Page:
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Do I Qualify For Disability Insurance Benefits If I Have Parkinson’s Disease?

CaveyLaw.com > Practice Areas  > Long Term Disability & ERISA Lawyer  > Long Term Disability Disabling Conditions > Do I Qualify For Disability Insurance Benefits If I Have Parkinson’s Disease?

Disability insurance companies don’t always make it easy for policyholders who have Parkinson’s disease to get the disability benefits they deserve, particularly in the early stages of the disease.

Parkinson’s is a progressive disorder of the central nervous system that affects your movement. It develops gradually. In the early stages it may start with a barely noticeable tremor in just one hand, little or no facial expression, or your arms may not swing when you walk. It can be difficult to diagnose in the early stages, which works to the advantage of disability carriers who are always looking for a reason to deny benefits.

As your condition progresses the Parkinson’s disease symptoms will worsen. The symptoms and progression vary from person to person, and disability carriers often fail to take that into consideration.

The Common Reasons Disability Carriers Deny Parkinson’s Disease Disability Claims

Regardless of the stage or progression of the Parkinson’s, disability carriers are notorious for denying and terminating many claims.

A common argument disability carriers make is that:

  1. Coverage is excluded because of the pre-existing condition clause in your disability policy.
  2. Benefits are limited under the subjective limitation clause. Tremors, slowed movement, rigid muscles, impaired balance, and speech changes may be the most disabling symptoms you have, but carriers routinely dispute the impact of those symptoms.
  3. You have had Parkinson’s for years and have not been disabled before now. You will have to overcome the carrier’s argument that you have been working with these problems for years and nothing has changed. It is crucial that your medical records develop the progression of your symptoms.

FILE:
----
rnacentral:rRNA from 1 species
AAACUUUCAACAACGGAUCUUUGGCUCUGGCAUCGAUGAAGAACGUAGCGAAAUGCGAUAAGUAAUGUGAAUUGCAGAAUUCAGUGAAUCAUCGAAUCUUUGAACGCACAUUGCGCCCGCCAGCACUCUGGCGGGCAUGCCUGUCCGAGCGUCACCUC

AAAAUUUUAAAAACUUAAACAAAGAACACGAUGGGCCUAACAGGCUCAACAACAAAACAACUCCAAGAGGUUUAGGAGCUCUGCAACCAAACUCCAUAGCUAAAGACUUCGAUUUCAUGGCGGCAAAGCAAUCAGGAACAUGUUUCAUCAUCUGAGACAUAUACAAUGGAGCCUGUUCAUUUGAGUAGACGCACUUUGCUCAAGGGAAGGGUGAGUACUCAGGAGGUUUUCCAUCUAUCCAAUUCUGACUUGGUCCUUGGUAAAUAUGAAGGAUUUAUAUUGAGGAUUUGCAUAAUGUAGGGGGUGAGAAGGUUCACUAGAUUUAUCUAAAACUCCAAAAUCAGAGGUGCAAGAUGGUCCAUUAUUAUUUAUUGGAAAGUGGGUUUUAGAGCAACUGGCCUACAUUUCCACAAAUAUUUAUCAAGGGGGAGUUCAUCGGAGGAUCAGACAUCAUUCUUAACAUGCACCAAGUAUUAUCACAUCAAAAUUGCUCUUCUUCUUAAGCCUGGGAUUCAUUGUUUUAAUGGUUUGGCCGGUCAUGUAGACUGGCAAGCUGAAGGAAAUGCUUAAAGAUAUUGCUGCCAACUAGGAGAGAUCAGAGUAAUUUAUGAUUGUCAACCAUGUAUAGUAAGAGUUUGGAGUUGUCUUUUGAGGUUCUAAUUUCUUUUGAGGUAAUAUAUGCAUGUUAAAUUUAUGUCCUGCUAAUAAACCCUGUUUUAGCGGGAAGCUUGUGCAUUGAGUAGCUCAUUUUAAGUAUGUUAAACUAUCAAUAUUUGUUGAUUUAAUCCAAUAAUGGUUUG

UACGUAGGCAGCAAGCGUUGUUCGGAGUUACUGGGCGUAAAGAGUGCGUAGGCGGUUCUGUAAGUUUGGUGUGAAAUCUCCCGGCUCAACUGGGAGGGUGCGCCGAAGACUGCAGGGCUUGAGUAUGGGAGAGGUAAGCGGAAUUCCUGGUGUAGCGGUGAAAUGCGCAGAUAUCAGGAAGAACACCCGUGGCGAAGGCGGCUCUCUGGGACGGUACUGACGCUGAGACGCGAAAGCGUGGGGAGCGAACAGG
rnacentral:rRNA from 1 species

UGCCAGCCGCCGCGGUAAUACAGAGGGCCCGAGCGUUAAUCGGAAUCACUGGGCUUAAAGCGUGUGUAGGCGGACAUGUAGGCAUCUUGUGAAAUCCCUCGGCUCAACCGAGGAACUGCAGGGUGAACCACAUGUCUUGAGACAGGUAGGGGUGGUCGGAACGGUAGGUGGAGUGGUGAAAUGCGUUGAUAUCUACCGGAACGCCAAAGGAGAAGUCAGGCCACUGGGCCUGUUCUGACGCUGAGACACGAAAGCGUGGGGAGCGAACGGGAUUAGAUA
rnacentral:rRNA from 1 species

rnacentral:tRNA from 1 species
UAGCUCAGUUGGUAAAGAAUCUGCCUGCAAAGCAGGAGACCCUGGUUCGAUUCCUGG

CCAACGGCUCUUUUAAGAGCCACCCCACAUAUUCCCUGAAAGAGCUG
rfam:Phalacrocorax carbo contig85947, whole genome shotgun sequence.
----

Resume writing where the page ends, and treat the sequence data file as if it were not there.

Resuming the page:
4. Your symptoms are intermittent.
  5. Your writing changes, your speech changes and your impaired posture are subjective complaints, and you haven’t had any testing that supports your complaints.
  6. Your complaints of cognitive impairment are not supported by your medical records, the Activity of Daily Living forms you completed, what your employer has told us or the surveillance we have.
  7. Your complaints of difficulty concentrating or other cognitive difficulties are subjective, and you haven’t had any neuropsychological testing to provide us an objective basis of your complaints.
  8. Treatment will allow you to continue to work so you couldn’t possibly be disabled.

As a result, many disability claims for Parkinson’s are denied. Carriers have other reasons to deny claims. They’ll say:

(1) There is no objective basis of the diagnosis, particularly in the early stages,

(2) There is no objective basis for the restrictions and limitations assigned by your physician because of your Parkinson’s,

(3) There is no causal relationship between your Parkinson’s and/or your restrictions and limitations, and your inability to perform your own or any occupation.

Nancy Cavey, who has 35 years experience handling disability cases, understands the objections and works to overcome a claims denial by working closely with you and your physician.

She will arrange for neurocognitive testing, a Functional Capacity Evaluation and a vocational evaluation. She has seen first-hand the devastating effects of Parkinson’s on her clients; she knows what it takes to get you the benefits you deserve!

Nancy Cavey offers a free initial consultation and welcomes the opportunity to speak with you about your disability claim.

What Are the Disabling Symptoms of Parkinson’s?

Parkinson’s symptoms can vary depending on the progression of the disease. The most common disabling symptoms are:

  •   Uncontrolled tremors,
  •   Muscle stiffness,
  •   Inability to make voluntary movement,
  •   Impaired posture and balance,
  •   Loss of automated movements, including blinking or smiling,
  •   Changes in speech,
  •   Changes in writing,
  •   Difficulty concentrating or other cognitive problems, and
  •   Depression.

It is important that your medical records document your symptoms and how those symptoms impact your ability to function.

This is particularly true because you probably have been working with difficulty but now find it hard to continue. The disability carrier will want to know what has changed and what caused you to file for disability.

Your symptoms may progress slowly, but it is important to chart that progression and how your symptoms impact your ability to function. The progression must be documented in your medical records.